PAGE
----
Our Signs of Friendship

    “Our Signs of Friendship,” Ensign, July 2000, 61

    Our Signs of Friendship

    Until Tracy moved into the neighborhood, I had never associated with a person who had a hearing impairment. She had four children, and she was in the process of getting divorced. My first encounter with her was when I accompanied a youth group to help clean up her yard soon after she moved in.

    When I approached Tracy for some instructions, I did not know how we would communicate. I talked slowly in the hope that she could read my lips, and when she responded in deep, broken tones, I turned to her oldest daughter for an interpretation. But Tracy gently turned my face back toward her and motioned for me to watch her carefully. With effort, we were able to communicate.

    A few days later, Tracy’s son knocked on my door and said his mother would like me to come over so she could talk to me. When I arrived at her house, she took me by the arm and led me to the sofa. Then she sat beside me and showed me a book about sign language. She turned to several different pages and indicated she wanted me to ask her questions using the signs.

    We communicated this way for about an hour. Tracy’s warmth and friendliness penetrated my uncertainty, and I was impressed with how her children—including the two-year-old—could communicate using signs. From that time on, our friendship grew stronger. Tracy often visited our home, and she taught my other family members how to communicate with her. If we turned to her children for help, she would remind us that we needed to pay close attention to her.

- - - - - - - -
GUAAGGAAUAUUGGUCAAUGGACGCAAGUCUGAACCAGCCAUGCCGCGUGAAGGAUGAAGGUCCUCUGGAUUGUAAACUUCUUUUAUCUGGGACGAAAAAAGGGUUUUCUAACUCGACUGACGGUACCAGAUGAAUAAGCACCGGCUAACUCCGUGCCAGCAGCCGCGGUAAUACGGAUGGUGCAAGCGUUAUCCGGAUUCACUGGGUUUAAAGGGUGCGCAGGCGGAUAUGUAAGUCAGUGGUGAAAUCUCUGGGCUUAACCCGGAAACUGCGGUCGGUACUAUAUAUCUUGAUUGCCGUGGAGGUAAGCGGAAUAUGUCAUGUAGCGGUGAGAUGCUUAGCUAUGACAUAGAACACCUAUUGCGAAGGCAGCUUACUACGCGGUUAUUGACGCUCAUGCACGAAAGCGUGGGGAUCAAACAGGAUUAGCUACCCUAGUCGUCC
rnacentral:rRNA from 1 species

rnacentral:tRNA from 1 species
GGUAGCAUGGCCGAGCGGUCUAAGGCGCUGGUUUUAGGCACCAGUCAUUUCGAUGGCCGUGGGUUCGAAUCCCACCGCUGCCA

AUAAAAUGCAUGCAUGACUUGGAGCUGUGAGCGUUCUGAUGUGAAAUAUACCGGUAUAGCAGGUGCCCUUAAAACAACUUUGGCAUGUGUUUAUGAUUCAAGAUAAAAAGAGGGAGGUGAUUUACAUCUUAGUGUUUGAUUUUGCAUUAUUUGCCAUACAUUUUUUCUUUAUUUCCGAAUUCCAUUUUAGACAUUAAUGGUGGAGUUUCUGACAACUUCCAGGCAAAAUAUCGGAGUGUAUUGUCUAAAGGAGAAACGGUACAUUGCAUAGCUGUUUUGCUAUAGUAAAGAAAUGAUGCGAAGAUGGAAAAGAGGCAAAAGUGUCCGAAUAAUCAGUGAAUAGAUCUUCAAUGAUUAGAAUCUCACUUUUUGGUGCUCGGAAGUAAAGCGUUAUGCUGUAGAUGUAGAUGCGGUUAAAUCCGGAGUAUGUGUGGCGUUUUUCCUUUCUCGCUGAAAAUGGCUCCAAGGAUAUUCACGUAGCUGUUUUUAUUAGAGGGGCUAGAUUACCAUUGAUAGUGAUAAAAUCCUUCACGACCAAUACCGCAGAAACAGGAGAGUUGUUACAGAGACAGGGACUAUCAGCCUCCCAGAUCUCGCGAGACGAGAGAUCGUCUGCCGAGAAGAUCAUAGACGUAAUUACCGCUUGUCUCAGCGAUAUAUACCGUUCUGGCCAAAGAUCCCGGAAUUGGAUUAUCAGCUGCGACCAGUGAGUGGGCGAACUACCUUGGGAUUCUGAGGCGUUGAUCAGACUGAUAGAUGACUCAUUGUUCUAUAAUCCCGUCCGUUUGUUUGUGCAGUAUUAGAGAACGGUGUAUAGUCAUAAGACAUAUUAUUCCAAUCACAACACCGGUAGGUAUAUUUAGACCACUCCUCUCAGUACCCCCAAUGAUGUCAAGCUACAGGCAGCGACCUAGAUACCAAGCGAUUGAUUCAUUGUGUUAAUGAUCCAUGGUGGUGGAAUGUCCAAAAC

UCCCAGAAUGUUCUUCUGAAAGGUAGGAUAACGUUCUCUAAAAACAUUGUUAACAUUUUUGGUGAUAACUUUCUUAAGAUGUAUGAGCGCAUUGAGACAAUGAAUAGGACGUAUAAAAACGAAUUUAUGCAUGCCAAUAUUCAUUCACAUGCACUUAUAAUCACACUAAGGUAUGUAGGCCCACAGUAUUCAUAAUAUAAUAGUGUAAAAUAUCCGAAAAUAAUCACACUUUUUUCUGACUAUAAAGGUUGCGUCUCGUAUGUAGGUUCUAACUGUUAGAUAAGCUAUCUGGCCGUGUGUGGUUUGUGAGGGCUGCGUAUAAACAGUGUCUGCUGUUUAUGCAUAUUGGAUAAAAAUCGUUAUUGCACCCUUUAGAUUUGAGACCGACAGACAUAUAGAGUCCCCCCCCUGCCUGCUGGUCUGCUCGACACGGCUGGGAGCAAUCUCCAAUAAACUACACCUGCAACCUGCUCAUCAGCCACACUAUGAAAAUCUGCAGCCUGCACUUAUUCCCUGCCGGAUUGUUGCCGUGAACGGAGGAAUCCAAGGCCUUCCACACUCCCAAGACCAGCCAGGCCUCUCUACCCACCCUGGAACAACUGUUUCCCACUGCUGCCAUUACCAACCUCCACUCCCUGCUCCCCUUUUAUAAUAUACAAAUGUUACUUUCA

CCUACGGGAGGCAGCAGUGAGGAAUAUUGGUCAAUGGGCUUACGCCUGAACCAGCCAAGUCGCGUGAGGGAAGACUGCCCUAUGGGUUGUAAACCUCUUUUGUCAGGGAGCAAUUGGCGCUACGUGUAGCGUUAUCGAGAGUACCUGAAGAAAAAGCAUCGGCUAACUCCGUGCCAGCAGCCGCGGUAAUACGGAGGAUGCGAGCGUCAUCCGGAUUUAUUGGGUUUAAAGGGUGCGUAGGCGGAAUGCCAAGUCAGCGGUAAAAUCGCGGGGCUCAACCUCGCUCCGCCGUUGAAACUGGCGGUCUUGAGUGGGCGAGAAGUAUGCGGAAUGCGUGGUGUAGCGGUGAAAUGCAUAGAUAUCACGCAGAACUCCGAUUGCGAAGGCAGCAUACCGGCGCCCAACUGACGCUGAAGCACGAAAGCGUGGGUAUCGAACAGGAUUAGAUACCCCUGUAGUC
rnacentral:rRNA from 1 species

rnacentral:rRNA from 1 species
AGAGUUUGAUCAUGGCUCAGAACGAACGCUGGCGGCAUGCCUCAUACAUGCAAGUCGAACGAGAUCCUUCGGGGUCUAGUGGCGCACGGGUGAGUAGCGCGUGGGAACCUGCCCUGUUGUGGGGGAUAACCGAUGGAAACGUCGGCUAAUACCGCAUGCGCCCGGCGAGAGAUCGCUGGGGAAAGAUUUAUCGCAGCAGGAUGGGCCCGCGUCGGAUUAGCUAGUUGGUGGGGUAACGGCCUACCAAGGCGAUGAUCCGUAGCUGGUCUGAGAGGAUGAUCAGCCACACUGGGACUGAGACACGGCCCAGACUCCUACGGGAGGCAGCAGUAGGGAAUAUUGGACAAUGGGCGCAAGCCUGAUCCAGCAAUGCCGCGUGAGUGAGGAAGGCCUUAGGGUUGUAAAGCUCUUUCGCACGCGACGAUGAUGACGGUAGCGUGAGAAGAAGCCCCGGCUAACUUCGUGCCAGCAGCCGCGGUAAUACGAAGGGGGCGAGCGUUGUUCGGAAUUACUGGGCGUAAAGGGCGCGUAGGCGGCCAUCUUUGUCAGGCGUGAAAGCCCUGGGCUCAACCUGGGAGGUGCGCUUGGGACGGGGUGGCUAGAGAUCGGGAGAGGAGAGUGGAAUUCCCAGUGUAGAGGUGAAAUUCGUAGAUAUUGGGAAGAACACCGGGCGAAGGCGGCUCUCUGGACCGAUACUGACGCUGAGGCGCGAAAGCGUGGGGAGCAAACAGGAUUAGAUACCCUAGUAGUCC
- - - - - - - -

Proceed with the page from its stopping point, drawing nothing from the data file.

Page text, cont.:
Tracy taught me her greatest lesson on the Sunday she was called as secretary to the Sunday School presidency. When she took her place on the stand with the other presidency members, I expected she would have someone else speak her testimony for her. When her turn came, I was surprised to see her arise and stand before the microphone. Everyone looked at her, not knowing what to expect. As she spoke in what may have seemed like barely understandable monotones to those not accustomed to hearing her, a powerful feeling permeated the chapel. She spoke with a spirit that needed no interpretation.

    I am grateful for this beautiful woman who helped me, my family, and many others see how a challenge such as a hearing impairment can be dealt with and made into a positive growing experience.

    • Sharon Barber is a member of the Maplewood Ward, Syracuse Utah South Stake.

    Illustrated by Robert Anderson McKay